death is strange. it's equal parts hard to believe and permanently real.
today marks 2 weeks since grandma died. i can't quite wrap my heart's mind around that truth. it seems like yesterday. and it seems like weeks and months ago already. i haven't had a tear-free day since july 5th, the day we learned of the cancer that was ravaging her body. and yet, there's this part of me that feels the slightest bit disassociated with the story....as if grandma's just out visiting my aunt's family and will return after what used to be her standard 2-week stint out west.
one week, we were talking about riley's singing, incessant chatter, and obsession with cats...immigration reform....rain. a few days later, she was in the hospital. a few days after that, we were taking care of her as she began slipping away. a few shorter days, and she was gone. i think we're all havin a difficult time adjusting. it was so sudden. well, she was 86 after all, so i don't suppose we can label it a shock. but the ferocity of her independence was such a normal and daily part of our lives, that her absence is deeply felt....nearly palpable at times.
grandma was the one i remember encouraging me to write - my most vocal writing advocate. so i suppose it's fitting that i'm scribbling with words as a way to grieve.
at grandma's funeral, daddy talked about one of grandma's character traits - an unusual but somewhat exceptional one. she had this ability and willingness to disagree with someone while maintaining a respectful position, and in the case of family and close friends, a loving one. daddy's example was tattoos. all six of grandma's grandchildren are adorned w/permanent ink. did grandma approve? no. did she ever "come around" on the issue and give any of us her blessing regarding future inking? nope. she maintained her opinion on the matter while not once ostracizing any of us.
i've thought a lot about what daddy said....thought a lot about my 33 years w/grandma...and thought about the stories and dimensions of grandma that we were not privy to until the days leading up to and immediately following her death.
there's this other part of her character that, in the last month, has been enlivened with fuller color. grandma had this very matter-of-fact way about her that easily led folks to assume she lived unafraid and unbothered. it was an easy assumption to make. after all, she was fiercely independent and lived alone for decades. but i don't believe she was unafraid, unbothered, and unscathed. i heard her talk about bein afraid of the water and afraid of snakes and mice. so it wasn't that she was unafraid, undaunted for 86 years. it was that she refused to be ruled by her fears. so her answer to the things that frightened and unnerved her? she simply faced them. she enrolled mama and aunt janice in swimming lessons when they were really young, and then donned her own swimming suit and took the lessons alongside them. she was afraid of the snakes in the hen house, but she gathered the eggs for her folks anyway. and when she was well into her 70s, her house was infested w/mice...but rather than calling an exterminator, she set mouse trap after mouse trap until the nasty varmints realized they'd met their match.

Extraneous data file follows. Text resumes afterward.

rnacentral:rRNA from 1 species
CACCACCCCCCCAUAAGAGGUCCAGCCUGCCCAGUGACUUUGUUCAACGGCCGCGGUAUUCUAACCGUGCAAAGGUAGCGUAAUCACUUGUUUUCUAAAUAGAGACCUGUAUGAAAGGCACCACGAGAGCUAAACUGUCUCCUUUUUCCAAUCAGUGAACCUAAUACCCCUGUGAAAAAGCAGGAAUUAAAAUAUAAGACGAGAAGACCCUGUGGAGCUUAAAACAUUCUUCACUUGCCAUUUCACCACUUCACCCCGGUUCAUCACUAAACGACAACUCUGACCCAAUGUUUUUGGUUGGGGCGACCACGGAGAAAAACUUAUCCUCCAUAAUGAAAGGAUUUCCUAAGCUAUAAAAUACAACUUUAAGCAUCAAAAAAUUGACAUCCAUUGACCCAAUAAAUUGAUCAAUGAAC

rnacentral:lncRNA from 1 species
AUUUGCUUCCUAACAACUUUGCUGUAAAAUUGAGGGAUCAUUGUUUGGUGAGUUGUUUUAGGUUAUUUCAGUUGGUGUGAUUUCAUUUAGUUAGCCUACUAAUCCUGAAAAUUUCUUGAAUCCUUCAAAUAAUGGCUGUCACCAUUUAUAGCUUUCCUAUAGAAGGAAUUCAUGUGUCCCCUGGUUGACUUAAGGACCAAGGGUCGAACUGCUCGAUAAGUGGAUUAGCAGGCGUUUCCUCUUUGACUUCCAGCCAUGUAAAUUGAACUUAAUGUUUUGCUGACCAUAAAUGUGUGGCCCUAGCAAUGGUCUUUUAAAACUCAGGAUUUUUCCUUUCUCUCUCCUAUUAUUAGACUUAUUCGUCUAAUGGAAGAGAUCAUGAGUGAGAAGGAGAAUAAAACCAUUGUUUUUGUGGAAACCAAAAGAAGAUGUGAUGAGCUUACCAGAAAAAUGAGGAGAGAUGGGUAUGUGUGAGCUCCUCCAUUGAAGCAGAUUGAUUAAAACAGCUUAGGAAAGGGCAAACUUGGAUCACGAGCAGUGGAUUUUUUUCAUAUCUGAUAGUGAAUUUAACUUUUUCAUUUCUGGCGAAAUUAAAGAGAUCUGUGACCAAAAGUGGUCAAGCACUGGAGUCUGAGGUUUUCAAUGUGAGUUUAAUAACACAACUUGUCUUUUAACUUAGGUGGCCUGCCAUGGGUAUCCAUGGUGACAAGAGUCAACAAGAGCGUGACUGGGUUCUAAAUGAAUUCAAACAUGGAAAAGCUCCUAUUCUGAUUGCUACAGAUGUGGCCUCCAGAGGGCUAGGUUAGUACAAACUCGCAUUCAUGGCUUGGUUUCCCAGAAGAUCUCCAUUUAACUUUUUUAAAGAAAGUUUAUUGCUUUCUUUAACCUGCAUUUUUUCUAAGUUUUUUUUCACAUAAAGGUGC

these are easy examples to describe. but there were other hurdles, other things she learned to do - not b/c she innately took pleasure in such things, or because she sought out difficult endeavors, but b/c she was determined to live, determined to not be ruled by fear. so she lived alone for decades and learned how to change her own oil and how to get out of debt and went back to school. she retired and then subbed for months on end at an alternative school for kids who'd had terrible hands dealt to them - she was in her 70s then. she decided goin to church was better than living with bitterness.
then there were the rivers more personal, more sensitive. every one of her grandkids (myself included) made lifestyle decisions that were not directly in line with her preferences. decisions more difficult to grapple with than tattoos and piercings. decisions about religion, spirituality, relationships, marriage, race. not one time did she smile and nod and accept our choices blindly. and not one time did she hold so tightly to her established viewpoint that her grandchild was tossed aside. i don't know that there are many octogenarians who were as determined to work through their prejudices and long-held beliefs for the sake of loving and accepting their family.
with a heart as sturdy as hers, i think it would have been easy to push folks around. independent, determined folks sometimes bully others. it's a means of survival. but somehow, grandma steered clear of that slippery slope. she somehow managed to not jump onto every religious, political, social bandwagon, while at the same time she refraining from forcefully pushin and pullin people into her corner.
time and age and life ultimately softened her. grandma was intelligent and thoughtful. she was never the "sweet old lady" type, to be sure. she never placated people or pulled back on who she was for the sake of complacent harmony. she wasn't without her flaws, either. she was determined to the point of stubborn, independent to the edge of closed self-sufficiency. but, at least in the last 20 or so years, she was never so set in her ways that she isolated herself.
at least in part, i believe this is why many have been moved to tears by her death. not only her family, but her friends, too. she lived, determined to engage in life thoughtfully. not all of us are that brave. we can't help but be sad.